Stanley Johnson Decision: Pros and Cons of Each Contender for 5-Star Recruit

Scott PolacekFeatured ColumnistNovember 13, 2013

Stanley Johnson Decision: Pros and Cons of Each Contender for 5-Star Recruit

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    The 2013-14 college basketball schedule may have just begun, but future seasons will be shaped by a number of recruiting decisions on Friday.

    One of those decisions will come from Stanley Johnson, who is rated as the No. 2 prospect in the country for the class of 2014 by 247Sports. Johnson is a versatile and athletic wing player who can slash into the lane with ease and is an effective passer.

    The California native will decide between Kentucky, Arizona and USC, all three of which he has officially visited. Read on to see some pros and cons for each possible destination.


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    The pros for Kentucky from an elite high school prospect’s viewpoint are fairly clear cut.

    If Johnson elected to join the Wildcats, he will join a loaded class that already includes pledges from Trey Lyles, Devin Booker, Karl Towns and Tyler Ulis. Johnson will immediately have an opportunity to compete for a national championship based on the talent coming in next year alone.

    Furthermore, Kentucky is always on the radar of NBA scouts. If Johnson thrives as a freshman in John Calipari’s system, he will have a legitimate opportunity to be an early pick in the NBA draft. 



    While all that talent is enticing, playing time and the chance to shine on an individual level are the only real downsides.

    Johnson would fit in as the small forward among the rest of Kentucky’s 2014 class, but what if some members of the loaded freshman class from this year stay in Lexington? There is a possibility that the Wildcats’ options at the wing/guard spots could include James Young, the Harrison brothers, Booker, Ulis and Johnson.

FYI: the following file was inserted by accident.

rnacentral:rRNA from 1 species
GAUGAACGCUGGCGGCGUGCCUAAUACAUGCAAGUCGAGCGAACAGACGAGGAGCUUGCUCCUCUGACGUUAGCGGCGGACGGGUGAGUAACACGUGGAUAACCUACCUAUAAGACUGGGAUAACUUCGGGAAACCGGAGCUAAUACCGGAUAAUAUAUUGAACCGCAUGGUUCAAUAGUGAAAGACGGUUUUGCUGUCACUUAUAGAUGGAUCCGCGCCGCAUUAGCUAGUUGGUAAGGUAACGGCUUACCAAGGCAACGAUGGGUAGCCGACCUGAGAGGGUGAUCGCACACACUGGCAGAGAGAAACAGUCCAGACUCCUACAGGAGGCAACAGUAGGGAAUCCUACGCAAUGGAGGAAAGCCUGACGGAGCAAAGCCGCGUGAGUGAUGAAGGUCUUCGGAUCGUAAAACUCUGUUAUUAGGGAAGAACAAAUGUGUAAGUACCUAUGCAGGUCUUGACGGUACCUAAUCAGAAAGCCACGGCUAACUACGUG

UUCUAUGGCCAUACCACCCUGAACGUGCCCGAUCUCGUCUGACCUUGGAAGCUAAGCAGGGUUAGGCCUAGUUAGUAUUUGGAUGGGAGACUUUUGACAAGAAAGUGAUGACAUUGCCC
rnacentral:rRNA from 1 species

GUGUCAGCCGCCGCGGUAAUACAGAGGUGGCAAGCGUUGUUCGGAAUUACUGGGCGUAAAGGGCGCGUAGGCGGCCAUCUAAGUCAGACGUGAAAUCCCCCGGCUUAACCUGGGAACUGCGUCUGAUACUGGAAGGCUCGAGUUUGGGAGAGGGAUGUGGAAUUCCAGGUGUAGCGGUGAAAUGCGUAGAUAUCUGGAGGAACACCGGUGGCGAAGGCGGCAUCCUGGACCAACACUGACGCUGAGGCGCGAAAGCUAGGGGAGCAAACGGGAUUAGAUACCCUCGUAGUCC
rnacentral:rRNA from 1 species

If the ultimate goal for Johnson is the NBA as quick as possible, he may want to avoid getting lost in the talent shuffle in Lexington.


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    There are two clear-cut pros for Johnson if he chooses to go to Southern California.

    For one, he will be playing college basketball in his home state, which will allow family and friends to easily come see him play. Furthermore, much of the competition he will see in the Pac-12 will be familiar foes that he runs up against on the local AAU scene.

    The other obvious pro for Johnson if he chooses USC is the possibility that he will be the unquestioned alpha dog. The Trojans haven’t exactly been a basketball powerhouse recently, and Johnson would have an opportunity to be a superstar.

    With the ball in his hands so often, NBA scouts will be sure to notice if the production follows. Just ask O.J. Mayo. 



    If we are comparing Kentucky, Arizona and USC from a basketball standpoint, the immediate con for the Trojans is the fact that they don’t win as often as the other two competitors.

    If Johnson wants to win a championship at the college level, USC isn’t the place to go. Furthermore, if he isn’t an absolute star for the Trojans, he won’t land on as many national radars as he would at Kentucky or Arizona from an exposure standpoint.

    Those are two tough cons to overcome for new coach Andy Enfield.


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    Arizona presents Johnson with a best-of-both-worlds scenario when comparing it to Kentucky and USC.

    Kentucky gives Johnson a chance to win a championship, while USC is close to home and will allow his family and friends to see him play more frequently. Arizona combines these two by being fairly nearby and giving Johnson a chance to compete for a title.

    Sean Miller brought in a loaded recruiting class in 2013 and is working on yet another one for 2014. If Johnson is a part of it, the Wildcats could run rampant through the Pac-12.



    The fact that there aren’t any obvious cons for Arizona is probably a reason that the Wildcats are considered the slight favorites to land Johnson in some circles. 

    The only real concern for Johnson would be if Rondae Jefferson is still around next year. Jefferson has the chance to be a collegiate superstar and plays a similar spot on the floor as Johnson, which could cut into playing time next year.


    Follow and interact with college basketball writer Scott Polacek on Twitter @ScottPolacek.